As we launch a new series of podcasts addressing racism, racial trauma and anti-racism, two of the BACP contributors reflect on their involvement and the importance of encouraging more conversations about race. Jo Holmes, Children Young People and Families Lead in the BACP policy team, and Edith Stokes, BACP’s Equality, Diversity and Inclusion Lead attended the Hackney Council’s Anti-Racist Practice conference in May 2022, sparking further conversation and collaboration leading to the podcast series being recorded.

The podcast series contributes to BACP's on-going efforts to promote equality, diversity and inclusion. BACP acknowledges that racism is a societal problem that affects all aspects of daily life in the UK, but it remains a difficult and uncomfortable topic to discuss. These podcasts will also support BACP's commitment set out in the President's Paper Race for the Soul of the Profession, ensuring that the counselling professions are responsive to the trauma felt by so many people and communities who continue to face longstanding racial inequality.

Jo reflects on the privilege of being involved in developing the podcasts and joining in conversations critical to counselling and other helping professions.

"For me, as a white woman, being open and authentic is key to change, and in approaching this podcast series, an essential starting point has been recognising both day-to-day and systemic racism as real and pervasive.

Being involved in these recordings encouraged me to reflect on my own journey in learning about anti-racist practice which started in the late 1990’s when I studied a youth work degree module called The Roots to Black Experience. Here I first learned that notions of colour blindness, naively believing everyone was equal and had the same opportunities had been a barrier preventing me from seeing and acknowledging historical and deep-rooted systemic racial inequality, and the racial inequality that persists in our society at every level. Not seeing colour means not seeing the person and their experience of racism.

Years later I undertook my diploma in counselling. It was a brilliant course, but unlike the youth work course, we barely touched on racism or anti-racist practice. Looking back, this feels like a missed opportunity and something that would have benefitted my practice, and I hope this series of podcasts can help to fill some of that missing space and generate more conversations about racism and anti-racist action."

For Edith, the topics discussed in the recordings have deep resonance in both her professional and personal life.

"For many Black and Brown people like me, racism is still prevalent and not a thing of the past. When Black and Brown people point out or call out racism, whether it is microaggressions or more overt racism, we often receive defensive denial from our white counterparts; "I have black and brown friends", "I don't see colour" and "I am not a racist."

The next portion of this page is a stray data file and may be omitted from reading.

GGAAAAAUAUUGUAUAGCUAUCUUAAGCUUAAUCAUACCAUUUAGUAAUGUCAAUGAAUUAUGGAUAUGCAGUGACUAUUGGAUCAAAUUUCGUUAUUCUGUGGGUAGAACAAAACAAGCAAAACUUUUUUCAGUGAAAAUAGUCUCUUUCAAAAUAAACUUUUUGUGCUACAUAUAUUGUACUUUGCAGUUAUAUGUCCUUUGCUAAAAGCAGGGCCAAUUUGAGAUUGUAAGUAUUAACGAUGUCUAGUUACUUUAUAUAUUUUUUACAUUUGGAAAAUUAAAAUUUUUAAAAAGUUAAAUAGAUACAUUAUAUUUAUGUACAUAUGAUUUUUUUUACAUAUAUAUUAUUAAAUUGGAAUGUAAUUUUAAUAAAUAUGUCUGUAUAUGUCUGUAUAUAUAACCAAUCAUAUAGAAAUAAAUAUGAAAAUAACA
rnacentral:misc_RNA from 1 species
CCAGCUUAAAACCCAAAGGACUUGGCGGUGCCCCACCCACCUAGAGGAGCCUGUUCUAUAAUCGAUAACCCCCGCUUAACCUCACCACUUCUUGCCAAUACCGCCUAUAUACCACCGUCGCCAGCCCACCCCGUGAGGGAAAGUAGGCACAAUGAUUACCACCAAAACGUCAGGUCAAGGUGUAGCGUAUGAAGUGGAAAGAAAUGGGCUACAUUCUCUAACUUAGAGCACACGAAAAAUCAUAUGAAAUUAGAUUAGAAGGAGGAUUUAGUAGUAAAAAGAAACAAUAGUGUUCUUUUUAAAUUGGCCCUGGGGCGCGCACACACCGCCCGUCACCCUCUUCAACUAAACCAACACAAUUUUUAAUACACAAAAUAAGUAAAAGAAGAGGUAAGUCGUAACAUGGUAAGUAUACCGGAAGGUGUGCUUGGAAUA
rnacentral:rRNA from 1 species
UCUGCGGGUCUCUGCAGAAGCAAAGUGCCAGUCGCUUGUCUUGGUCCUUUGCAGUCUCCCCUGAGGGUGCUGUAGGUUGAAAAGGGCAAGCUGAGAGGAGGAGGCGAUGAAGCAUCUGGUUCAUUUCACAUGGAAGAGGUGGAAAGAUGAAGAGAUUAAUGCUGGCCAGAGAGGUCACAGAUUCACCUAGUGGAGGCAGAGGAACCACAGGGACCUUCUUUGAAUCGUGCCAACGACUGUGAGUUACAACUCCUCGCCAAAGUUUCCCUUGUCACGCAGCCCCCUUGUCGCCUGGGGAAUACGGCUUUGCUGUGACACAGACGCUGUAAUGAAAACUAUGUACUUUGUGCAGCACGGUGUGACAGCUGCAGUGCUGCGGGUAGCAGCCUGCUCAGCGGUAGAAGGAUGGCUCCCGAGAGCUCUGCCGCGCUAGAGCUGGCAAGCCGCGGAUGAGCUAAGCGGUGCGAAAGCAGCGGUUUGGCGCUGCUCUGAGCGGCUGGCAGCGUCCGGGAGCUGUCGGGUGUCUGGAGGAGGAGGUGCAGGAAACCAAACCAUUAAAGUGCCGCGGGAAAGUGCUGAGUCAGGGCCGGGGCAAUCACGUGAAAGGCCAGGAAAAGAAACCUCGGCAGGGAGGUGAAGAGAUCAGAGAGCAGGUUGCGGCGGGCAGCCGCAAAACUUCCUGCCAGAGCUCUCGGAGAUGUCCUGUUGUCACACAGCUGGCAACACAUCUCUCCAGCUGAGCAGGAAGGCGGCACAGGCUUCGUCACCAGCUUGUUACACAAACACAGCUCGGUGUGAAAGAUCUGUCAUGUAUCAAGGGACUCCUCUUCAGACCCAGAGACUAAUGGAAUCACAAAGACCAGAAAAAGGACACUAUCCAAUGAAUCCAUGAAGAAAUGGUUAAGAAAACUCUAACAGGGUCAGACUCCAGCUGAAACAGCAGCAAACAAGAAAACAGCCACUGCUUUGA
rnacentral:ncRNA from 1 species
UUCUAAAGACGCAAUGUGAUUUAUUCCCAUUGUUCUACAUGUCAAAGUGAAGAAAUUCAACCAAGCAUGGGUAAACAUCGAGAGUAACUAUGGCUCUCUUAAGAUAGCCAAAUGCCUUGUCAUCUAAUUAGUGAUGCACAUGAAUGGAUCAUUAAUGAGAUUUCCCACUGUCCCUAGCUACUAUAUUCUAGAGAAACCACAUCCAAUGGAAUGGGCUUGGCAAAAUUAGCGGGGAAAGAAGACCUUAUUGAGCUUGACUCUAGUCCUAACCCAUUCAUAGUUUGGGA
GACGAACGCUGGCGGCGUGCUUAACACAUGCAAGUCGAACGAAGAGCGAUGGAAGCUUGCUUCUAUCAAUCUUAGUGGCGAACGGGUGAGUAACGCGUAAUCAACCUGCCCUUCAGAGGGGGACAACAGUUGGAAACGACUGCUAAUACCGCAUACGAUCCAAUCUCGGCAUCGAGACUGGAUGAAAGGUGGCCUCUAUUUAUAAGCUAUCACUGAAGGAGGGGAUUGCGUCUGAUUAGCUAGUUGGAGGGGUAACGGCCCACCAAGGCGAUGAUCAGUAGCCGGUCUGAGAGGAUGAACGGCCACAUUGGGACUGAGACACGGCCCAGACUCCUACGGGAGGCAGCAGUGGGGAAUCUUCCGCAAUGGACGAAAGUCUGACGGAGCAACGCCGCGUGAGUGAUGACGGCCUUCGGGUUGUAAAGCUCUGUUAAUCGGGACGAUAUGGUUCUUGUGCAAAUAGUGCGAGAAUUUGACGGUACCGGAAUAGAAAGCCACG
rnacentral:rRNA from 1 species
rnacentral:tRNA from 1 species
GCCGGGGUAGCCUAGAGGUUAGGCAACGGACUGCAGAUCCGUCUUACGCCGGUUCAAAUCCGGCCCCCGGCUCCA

And, if you've had a similar experience to mine, you may have felt shut down when you try to bring up the issue of how these remarks contribute to the problem and perpetuate racism. I would hear comments such as "why do you always make it about race," "oh gosh, you are playing the race card," and "It's a joke; it wasn't my intention." Intent only goes so far and cannot be used as justification or excuse. We must ask ourselves, when do these intentions become woefully inadequate for Black and Brown people who have endured racial trauma due to countless overt and covert racist events and still witness and experience them today? This is why podcasts like this one, to which I had the honour of contributing not just as the BACP's EDI Lead but also as a Black woman, are so important.

I hope those who listen to these podcasts understand that simply believing "I am not racist" is not enough; rather, being anti-racist aids in challenging and dismantling systematic racism. Anti-racism work cannot be done passively; it must be done proactively by confronting the structures and belief systems that foster racism within and around us. It is equally critical to recognise that being anti-racist and leading an anti-racist organisation is a journey that involves a long-term commitment to doing the work."

Find out more

Listen to our podcasts exploring racism, racial trauma and anti-racism, recorded as a collaboration between BACP and Hackney Council.

The conversations include focus on the hurt and pain caused by racism that you may find difficult and upsetting.